• Both in traveling to your host country and in returning to the States, be sure to arrive at the airport well ahead of your departure time and check your luggage early on. Try to avoid flight plans with very short layovers. Even if you make it from one plane to the next, your checked luggage may not.


  • Never leave bags unattended. If you see an unattended bag in an air or rail terminal, report it to the authorities immediately.


  • On trains you should either take your bags with you to the dining or lounge cars or leave a friend to look after them. A stranger you have just met is not, for these purposes, a friend.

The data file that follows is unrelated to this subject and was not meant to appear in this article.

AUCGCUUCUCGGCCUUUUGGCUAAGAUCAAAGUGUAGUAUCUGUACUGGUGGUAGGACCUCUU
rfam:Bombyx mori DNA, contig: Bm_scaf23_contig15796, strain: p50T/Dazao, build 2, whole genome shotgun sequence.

• Don't agree to act as a courier for someone else unless you know the other person well and know the contents of the bag or package entrusted to you.


  • In general everything that we have said about avoiding crowds, being wary of strangers, and staying alert should be applied doubly to airline and train terminals.


  • Public transportation systems in most foreign cities are usually more convenient and user-friendly than ours (also less expensive), and you will certainly want to avail yourself of the buses, trolleys, and subways in your host city. But you need to know the system and where it's taking you. Subways especially, because their underground routes keep you from seeing the passing cityscape, can convey you into areas you would not normally enter on foot.